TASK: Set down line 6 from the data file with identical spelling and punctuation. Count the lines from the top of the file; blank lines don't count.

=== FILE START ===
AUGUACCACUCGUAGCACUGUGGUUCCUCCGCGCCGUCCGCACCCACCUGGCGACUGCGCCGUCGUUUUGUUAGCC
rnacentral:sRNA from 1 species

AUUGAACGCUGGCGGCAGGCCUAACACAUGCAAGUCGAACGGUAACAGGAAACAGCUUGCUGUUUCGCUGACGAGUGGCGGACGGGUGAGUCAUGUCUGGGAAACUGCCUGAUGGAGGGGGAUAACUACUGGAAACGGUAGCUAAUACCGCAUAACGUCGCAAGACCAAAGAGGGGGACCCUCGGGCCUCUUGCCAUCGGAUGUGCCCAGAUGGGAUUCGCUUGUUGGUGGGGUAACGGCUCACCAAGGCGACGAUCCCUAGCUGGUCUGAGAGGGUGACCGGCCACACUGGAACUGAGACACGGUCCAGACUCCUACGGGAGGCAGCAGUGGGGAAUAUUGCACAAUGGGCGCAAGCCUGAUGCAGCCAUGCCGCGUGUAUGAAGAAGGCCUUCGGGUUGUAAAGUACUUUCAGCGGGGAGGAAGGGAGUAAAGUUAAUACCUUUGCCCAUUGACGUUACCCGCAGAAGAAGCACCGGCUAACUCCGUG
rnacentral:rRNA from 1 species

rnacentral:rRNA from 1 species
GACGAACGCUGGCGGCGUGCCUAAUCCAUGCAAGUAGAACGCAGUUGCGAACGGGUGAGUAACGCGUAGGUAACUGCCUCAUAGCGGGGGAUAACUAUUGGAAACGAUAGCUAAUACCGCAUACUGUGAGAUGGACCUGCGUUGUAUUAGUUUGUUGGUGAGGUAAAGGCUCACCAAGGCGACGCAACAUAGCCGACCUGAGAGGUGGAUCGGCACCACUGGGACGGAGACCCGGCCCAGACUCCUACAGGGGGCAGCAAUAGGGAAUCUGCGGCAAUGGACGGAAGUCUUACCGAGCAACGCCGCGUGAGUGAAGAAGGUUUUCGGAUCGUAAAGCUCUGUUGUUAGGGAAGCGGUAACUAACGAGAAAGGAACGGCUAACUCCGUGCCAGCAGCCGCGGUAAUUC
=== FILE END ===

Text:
GACGAACGCUGGCGGCGUGCCUAAUCCAUGCAAGUAGAACGCAGUUGCGAACGGGUGAGUAACGCGUAGGUAACUGCCUCAUAGCGGGGGAUAACUAUUGGAAACGAUAGCUAAUACCGCAUACUGUGAGAUGGACCUGCGUUGUAUUAGUUUGUUGGUGAGGUAAAGGCUCACCAAGGCGACGCAACAUAGCCGACCUGAGAGGUGGAUCGGCACCACUGGGACGGAGACCCGGCCCAGACUCCUACAGGGGGCAGCAAUAGGGAAUCUGCGGCAAUGGACGGAAGUCUUACCGAGCAACGCCGCGUGAGUGAAGAAGGUUUUCGGAUCGUAAAGCUCUGUUGUUAGGGAAGCGGUAACUAACGAGAAAGGAACGGCUAACUCCGUGCCAGCAGCCGCGGUAAUUC